Can a gratitude journal work for you?


You may be reading because you’re thinking of starting one – except you’re not sure where to begin. Others may have given up on the idea, but don’t let that get you down. The trick is to keep your journal in a way that works for you. We’ve come up with this post to help you build your own journal – take a look at the prompts below and see if it’s easier to get started!

 

Why have a gratitude journal in the first place?

 

A gratitude journal places focus on the positive in your life. It’s scientifically proven that we remember the negative points better than the positive, so maintaining a gratitude journal is a manual way of retaining the good in every situation. The results? An improved attitude and confidence in your abilities to handle tough situations – because as your journal proves, you’ve done it before.

 

How do you keep a gratitude journal?

 

It’s as simple as picking up a notebook and pencil or pen that you like. Tip: choose tools that you love so that you can associate the feeling of gratitude with the pleasurable feeling of making crisp lines on smooth paper.

 

Here are four simple ways that you can use to keep up with your gratitude journal. Remember, it’s completely up to you which one you use – just find what works for you.

 

 

Be specific

 

Describing a specific action or event can boost your mood when you look back on it. For example, instead of writing ‘My dog’, write something like ‘My dog greeted me at the front door.’ Writing about the people in your life and how they make you feel is another good idea. When you decide to flip through your journal in the future, it’ll bring back those positive memories with added clarity.

 

 

 

Practise awareness

 

Reflect on how your life would be if certain things were absent. For example, how would it feel to not have met the people you love? Or to live in a different part of town? This simple exercise helps us to realise the good side to a negative situation – it’s okay to see the unpleasant side too, but don’t lose sight of the positives even when you’re down.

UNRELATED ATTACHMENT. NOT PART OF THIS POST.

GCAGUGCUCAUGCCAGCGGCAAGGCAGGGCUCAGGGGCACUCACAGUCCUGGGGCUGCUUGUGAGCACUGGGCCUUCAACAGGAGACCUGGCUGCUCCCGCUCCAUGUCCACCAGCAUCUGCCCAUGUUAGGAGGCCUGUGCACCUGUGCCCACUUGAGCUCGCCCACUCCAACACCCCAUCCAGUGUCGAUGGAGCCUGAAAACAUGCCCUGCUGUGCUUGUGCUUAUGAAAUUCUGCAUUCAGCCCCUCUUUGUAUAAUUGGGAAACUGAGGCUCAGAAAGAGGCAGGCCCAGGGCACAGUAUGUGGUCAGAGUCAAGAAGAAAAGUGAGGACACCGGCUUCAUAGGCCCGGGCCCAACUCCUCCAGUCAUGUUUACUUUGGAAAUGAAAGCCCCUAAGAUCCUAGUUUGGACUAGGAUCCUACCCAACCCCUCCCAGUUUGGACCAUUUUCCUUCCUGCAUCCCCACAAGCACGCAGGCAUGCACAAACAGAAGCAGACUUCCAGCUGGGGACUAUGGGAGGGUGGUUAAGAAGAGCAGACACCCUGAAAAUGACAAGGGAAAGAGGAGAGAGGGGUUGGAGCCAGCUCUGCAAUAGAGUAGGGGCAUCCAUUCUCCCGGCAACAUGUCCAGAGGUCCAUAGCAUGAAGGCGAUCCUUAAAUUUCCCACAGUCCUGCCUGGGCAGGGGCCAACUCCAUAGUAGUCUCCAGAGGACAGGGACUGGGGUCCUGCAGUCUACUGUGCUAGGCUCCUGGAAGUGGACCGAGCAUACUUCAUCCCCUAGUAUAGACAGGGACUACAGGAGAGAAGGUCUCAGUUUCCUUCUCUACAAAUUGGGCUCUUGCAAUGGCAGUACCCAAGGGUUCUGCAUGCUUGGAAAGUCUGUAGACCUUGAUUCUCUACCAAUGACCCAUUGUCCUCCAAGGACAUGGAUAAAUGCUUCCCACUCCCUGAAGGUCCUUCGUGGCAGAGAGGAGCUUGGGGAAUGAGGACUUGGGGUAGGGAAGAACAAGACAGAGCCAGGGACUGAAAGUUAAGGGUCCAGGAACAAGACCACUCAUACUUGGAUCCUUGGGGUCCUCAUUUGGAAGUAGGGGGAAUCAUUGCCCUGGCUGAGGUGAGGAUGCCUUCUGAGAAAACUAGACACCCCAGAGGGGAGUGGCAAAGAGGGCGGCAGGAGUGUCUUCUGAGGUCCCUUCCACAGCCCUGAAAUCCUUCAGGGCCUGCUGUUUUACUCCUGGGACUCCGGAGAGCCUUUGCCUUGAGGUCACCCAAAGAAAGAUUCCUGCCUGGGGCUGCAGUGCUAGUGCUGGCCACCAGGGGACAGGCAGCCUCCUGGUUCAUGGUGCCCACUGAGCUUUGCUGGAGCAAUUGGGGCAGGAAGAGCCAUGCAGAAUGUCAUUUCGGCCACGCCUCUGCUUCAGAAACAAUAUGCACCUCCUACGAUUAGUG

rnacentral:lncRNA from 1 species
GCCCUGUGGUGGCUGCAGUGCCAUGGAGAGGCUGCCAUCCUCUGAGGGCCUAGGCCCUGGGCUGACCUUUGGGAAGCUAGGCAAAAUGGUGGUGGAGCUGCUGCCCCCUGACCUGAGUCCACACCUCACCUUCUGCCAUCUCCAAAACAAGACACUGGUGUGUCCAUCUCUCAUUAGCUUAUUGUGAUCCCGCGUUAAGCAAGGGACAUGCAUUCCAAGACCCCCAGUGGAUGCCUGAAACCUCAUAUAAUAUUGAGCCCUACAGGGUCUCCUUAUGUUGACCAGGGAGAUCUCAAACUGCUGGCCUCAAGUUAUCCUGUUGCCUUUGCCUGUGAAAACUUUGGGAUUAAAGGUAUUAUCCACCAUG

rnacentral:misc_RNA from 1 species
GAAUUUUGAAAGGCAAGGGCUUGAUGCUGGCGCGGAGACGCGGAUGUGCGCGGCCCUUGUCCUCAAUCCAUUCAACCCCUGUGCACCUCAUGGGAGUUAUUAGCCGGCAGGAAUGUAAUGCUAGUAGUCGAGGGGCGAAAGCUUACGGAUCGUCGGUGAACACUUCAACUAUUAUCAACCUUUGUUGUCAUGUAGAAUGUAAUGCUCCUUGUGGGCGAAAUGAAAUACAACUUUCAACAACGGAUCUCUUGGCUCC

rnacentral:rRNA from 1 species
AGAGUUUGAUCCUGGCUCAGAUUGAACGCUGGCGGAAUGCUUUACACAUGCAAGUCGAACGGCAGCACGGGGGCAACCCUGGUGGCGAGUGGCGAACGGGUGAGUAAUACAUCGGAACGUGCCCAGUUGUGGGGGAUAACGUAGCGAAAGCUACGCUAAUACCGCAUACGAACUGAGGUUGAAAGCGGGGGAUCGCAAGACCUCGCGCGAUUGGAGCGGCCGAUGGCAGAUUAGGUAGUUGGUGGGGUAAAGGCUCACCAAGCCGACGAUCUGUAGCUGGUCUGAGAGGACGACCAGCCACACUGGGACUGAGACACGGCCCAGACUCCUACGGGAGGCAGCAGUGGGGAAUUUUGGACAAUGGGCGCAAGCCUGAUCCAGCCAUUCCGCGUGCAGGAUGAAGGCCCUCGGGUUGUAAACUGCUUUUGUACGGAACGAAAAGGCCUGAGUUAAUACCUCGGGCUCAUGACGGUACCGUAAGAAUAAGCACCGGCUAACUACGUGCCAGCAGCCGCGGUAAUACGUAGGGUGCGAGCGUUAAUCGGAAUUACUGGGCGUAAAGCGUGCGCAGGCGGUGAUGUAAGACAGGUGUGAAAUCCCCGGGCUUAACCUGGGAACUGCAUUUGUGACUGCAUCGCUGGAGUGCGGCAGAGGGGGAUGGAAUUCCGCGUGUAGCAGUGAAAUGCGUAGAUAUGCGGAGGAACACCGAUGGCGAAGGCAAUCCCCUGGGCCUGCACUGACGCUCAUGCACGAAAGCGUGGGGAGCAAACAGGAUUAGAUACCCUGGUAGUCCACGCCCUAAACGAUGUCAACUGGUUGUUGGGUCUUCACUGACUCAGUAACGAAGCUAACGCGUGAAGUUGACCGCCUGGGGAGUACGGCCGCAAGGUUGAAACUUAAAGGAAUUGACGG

Go With The Flow

 

Being grateful isn’t supposed to feel like work or a chore, so write in your gratitude journal when you actually feel like doing so (not because you’ve imposed a strict writing schedule on yourself). The main point of this journal is to improve your wellbeing and create a time in your day or week to relax.

 

To reap the benefits of gratitude, take the time to feel gratitude itself. Then, start journaling.

 

Be creative

 

Finally, keeping a gratitude journal follows no restrictions – you can stick on photos and event tickets, draw and make a collage, whatever makes the process most enjoyable. The ways to customise your gratitude journal are endless, and you make the rules.

 

Tip: separate your grateful moments into categories for a cleaner look. Try out different layouts and styles and find what works best for you.

 

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Gratitude is a powerful mental tool that gives you a positive outlook on your day-to-day. Practising it once in a while can set positive changes in your mindset in motion.


Do you have a gratitude journal? If so, did you notice any changes in your moods or behaviour? If not, tell us one thing you are grateful for today! Let’s chat in the comments below.

 

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